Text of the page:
If you are invited into the office of its director, you can see a clock on the wall that has a small hole near the numeral 1.
We all dance the entire DSM IV (and its coming progeny, the Roman numeral–free DSM 5) right down the line.
1520s, "word expressing a number," from Middle French numéral (late 15c.), from Late Latin numeralis "of or belonging to a number," from Latin numerus "a number" (see number (n.)). Meaning "figure standing for a number" is from 1680s. As an adjective, "expressing number," from 1520s.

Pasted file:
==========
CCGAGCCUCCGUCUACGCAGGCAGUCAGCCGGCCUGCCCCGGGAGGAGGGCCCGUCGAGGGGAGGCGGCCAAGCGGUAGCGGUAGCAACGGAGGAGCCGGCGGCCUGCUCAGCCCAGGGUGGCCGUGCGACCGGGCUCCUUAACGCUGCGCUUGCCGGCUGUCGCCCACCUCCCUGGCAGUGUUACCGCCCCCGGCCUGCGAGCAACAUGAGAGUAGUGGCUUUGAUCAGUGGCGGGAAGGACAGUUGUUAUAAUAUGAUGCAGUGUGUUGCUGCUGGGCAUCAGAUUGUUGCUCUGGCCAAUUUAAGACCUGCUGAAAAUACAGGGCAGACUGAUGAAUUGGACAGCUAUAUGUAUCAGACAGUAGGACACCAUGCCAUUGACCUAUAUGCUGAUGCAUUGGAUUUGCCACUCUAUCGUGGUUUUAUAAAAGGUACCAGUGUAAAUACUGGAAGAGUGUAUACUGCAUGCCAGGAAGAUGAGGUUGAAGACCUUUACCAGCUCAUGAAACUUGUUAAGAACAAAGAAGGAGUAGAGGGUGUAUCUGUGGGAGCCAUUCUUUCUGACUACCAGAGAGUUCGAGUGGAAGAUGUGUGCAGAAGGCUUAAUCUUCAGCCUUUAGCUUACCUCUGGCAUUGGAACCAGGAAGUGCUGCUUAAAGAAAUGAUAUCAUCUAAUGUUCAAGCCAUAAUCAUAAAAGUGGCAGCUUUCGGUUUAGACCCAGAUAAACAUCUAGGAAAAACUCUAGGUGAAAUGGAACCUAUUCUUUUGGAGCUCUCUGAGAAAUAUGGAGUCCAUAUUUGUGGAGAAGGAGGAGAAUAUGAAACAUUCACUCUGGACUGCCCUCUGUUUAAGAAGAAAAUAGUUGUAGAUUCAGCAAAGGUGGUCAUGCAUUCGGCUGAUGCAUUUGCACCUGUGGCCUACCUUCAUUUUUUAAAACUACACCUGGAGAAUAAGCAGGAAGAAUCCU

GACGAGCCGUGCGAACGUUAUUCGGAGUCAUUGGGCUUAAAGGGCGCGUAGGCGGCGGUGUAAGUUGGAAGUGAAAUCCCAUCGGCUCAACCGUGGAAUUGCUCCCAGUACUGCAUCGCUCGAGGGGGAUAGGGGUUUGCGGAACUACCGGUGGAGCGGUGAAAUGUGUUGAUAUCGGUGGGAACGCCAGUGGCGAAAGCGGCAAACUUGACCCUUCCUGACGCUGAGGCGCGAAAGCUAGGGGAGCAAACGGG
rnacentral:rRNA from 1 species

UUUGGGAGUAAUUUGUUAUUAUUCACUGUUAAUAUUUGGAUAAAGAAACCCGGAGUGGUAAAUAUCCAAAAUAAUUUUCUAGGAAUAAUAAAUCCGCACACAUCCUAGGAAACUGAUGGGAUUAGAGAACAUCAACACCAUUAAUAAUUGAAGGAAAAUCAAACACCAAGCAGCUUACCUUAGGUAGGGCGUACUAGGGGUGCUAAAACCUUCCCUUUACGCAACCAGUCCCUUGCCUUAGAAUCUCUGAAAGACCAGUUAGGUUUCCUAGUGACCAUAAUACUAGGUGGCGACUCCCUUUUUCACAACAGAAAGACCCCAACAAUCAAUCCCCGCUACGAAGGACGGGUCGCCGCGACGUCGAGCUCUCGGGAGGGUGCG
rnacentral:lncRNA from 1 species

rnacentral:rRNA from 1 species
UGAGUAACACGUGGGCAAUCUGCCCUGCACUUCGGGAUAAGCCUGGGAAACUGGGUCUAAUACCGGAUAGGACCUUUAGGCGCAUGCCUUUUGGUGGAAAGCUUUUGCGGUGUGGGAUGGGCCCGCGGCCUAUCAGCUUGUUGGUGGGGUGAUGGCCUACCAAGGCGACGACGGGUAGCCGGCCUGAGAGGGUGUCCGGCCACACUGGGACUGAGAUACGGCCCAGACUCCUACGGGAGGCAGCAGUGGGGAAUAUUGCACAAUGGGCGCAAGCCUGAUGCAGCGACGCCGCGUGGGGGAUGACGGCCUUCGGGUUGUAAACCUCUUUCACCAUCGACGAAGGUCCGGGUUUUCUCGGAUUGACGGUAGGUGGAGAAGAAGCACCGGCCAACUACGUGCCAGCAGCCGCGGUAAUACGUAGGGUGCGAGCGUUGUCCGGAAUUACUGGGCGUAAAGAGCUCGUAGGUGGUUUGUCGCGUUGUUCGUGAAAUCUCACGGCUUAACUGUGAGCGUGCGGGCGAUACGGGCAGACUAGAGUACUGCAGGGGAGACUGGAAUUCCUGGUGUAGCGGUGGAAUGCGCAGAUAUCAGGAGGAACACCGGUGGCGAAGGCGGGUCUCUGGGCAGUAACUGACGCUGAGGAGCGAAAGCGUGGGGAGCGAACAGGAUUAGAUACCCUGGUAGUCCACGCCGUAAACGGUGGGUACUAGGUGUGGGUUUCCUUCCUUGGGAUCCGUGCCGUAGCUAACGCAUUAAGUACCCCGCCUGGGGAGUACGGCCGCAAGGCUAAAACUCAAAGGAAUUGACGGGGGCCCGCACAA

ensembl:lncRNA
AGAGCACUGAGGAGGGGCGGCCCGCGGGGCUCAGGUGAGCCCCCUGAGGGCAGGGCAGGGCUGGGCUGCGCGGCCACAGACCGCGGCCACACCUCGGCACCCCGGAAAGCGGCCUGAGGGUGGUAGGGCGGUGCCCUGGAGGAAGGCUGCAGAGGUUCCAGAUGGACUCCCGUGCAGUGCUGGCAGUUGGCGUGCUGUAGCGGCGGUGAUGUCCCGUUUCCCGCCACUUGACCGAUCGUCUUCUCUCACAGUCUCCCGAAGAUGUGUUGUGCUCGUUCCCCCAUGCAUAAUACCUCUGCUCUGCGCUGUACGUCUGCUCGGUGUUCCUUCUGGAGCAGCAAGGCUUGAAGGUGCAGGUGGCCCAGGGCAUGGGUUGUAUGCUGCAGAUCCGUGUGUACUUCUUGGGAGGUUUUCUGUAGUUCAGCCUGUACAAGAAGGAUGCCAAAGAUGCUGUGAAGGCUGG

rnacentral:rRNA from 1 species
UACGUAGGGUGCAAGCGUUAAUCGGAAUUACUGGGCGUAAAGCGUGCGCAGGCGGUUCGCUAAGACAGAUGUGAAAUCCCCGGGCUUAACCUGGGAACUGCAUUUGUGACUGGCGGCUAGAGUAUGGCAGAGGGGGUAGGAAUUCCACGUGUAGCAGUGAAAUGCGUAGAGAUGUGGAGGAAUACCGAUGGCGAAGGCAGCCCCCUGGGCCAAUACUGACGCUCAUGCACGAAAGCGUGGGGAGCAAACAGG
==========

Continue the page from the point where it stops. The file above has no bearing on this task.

A word or symbol used to represent a number.